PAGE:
The above are not exhaustive, but they demonstrate why I feel it is so important that I vote Democrat in the upcoming election. I do not feel I need agree with everything implemented by the current administration in order to reach the conclusion that my interests are best served by the left-leaning party. Further, it is my hope that the Democratic party, as a party responsive to facts, may be swayed from some of their policies less conducive to civil liberties, through rigorous argument. Of the Republicans I have no such hope.

Posted by: rebeccajrobare | July 27, 2012

A quick post about why I am inflicting a first draft upon you

I realize that what I’ve posted is quite unpolished. An excess of dialogue is only the least of its sins, I’m sure, but that’s one I tend to notice early. After reading this excellent piece on Writer Beware, I wanted to note that I am under no illusions about the quality of this work. I took a dare, you will recall, that specified a finished novel rather than a publishable one. I can work on the latter, if I choose, once I finish the former. I now return you to your irregularly scheduled blogging…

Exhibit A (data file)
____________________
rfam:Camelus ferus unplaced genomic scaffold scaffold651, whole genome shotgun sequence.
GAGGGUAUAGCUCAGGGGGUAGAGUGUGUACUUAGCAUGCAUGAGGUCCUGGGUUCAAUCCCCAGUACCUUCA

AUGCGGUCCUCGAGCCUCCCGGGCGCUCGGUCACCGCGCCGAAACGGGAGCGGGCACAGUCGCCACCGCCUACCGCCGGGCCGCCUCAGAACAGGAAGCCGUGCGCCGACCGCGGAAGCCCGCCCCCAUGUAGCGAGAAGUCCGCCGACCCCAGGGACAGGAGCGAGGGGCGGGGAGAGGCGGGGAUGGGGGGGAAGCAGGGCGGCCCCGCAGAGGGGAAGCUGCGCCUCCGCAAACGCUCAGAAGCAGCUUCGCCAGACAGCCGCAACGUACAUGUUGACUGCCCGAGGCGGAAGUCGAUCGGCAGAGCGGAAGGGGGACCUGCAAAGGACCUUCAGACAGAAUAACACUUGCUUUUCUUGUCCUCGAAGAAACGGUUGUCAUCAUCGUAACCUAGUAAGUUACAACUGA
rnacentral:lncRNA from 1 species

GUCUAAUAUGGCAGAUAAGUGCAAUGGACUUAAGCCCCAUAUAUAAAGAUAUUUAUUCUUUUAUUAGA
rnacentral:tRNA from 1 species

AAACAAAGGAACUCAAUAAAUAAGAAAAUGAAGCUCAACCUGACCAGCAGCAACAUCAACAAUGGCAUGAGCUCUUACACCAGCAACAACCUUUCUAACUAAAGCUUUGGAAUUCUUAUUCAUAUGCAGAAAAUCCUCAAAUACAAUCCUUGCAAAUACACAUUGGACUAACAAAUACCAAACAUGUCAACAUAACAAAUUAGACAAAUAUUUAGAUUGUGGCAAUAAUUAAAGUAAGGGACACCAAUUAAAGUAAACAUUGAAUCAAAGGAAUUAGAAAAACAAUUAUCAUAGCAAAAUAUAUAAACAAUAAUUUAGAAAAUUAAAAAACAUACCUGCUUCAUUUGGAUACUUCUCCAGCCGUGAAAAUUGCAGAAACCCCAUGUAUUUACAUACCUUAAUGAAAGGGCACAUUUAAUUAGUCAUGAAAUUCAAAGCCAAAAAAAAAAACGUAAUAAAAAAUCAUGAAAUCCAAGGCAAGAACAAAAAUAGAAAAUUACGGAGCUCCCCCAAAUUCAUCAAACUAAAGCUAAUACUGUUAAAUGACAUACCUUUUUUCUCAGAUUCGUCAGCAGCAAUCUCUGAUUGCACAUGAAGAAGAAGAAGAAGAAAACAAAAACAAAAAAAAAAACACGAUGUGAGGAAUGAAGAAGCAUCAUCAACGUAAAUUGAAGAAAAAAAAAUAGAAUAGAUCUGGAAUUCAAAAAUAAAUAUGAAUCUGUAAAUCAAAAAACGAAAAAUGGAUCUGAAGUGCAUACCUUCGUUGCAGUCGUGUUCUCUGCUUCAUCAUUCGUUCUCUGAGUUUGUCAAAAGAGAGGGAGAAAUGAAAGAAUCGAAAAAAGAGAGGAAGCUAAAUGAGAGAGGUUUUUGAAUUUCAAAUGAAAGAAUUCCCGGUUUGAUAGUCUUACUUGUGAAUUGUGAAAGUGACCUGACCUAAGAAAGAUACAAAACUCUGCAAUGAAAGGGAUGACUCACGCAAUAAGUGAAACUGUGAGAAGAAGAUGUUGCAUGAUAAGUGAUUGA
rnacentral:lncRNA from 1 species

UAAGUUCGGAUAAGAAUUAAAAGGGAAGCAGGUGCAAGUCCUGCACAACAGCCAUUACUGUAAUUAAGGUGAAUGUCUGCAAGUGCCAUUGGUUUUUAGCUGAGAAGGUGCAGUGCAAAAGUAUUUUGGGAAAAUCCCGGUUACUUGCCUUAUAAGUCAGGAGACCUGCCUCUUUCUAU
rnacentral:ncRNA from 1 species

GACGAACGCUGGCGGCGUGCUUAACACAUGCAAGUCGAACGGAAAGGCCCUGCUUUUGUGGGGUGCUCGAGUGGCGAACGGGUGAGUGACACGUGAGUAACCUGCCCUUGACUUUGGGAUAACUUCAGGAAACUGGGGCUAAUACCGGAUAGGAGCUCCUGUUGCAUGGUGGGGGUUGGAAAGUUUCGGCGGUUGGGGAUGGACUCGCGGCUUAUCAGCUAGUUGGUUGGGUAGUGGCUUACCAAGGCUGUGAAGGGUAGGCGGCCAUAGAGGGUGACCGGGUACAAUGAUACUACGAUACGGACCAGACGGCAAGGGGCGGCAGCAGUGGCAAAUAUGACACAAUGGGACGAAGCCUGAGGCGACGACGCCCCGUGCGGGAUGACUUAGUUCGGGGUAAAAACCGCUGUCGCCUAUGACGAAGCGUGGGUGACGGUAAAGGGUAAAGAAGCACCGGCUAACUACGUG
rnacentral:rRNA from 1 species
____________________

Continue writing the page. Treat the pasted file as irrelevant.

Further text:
Posted by: rebeccajrobare | July 27, 2012

“The Prince” End of Chapter 1 and Chapter 2

He sat across from me at dinner that night. I guessed meals weren’t the strong suit of any place feeding large numbers of kids. We’d moved up in the world from chicken nuggets to sliced turkey, and there was blueberry cobbler for dessert, but the most that could be said for any of it was that it was optimistic. I picked at my plate, moving gravy around, stacking and unstacking my peas, until I heard a tray slide on the table, and saw Arion putting his hand on the back of a chair.

“Good evening, Rachel,” he said. He pitched his voice soft and low, and I could not only hear him, but I didn’t feel as though I was being shouted at, like I usually did if someone spoke to me during the cacophony of meals. “May I sit here?”